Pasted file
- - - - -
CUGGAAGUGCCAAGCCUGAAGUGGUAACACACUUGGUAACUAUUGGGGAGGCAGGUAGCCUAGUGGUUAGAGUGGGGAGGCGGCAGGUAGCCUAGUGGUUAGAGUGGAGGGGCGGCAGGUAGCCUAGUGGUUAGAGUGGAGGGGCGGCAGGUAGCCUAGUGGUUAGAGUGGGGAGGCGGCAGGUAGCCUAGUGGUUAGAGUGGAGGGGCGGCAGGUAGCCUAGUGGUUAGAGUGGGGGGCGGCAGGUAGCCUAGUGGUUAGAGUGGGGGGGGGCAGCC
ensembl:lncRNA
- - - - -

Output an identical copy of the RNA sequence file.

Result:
CUGGAAGUGCCAAGCCUGAAGUGGUAACACACUUGGUAACUAUUGGGGAGGCAGGUAGCCUAGUGGUUAGAGUGGGGAGGCGGCAGGUAGCCUAGUGGUUAGAGUGGAGGGGCGGCAGGUAGCCUAGUGGUUAGAGUGGAGGGGCGGCAGGUAGCCUAGUGGUUAGAGUGGGGAGGCGGCAGGUAGCCUAGUGGUUAGAGUGGAGGGGCGGCAGGUAGCCUAGUGGUUAGAGUGGGGGGCGGCAGGUAGCCUAGUGGUUAGAGUGGGGGGGGGCAGCC
ensembl:lncRNA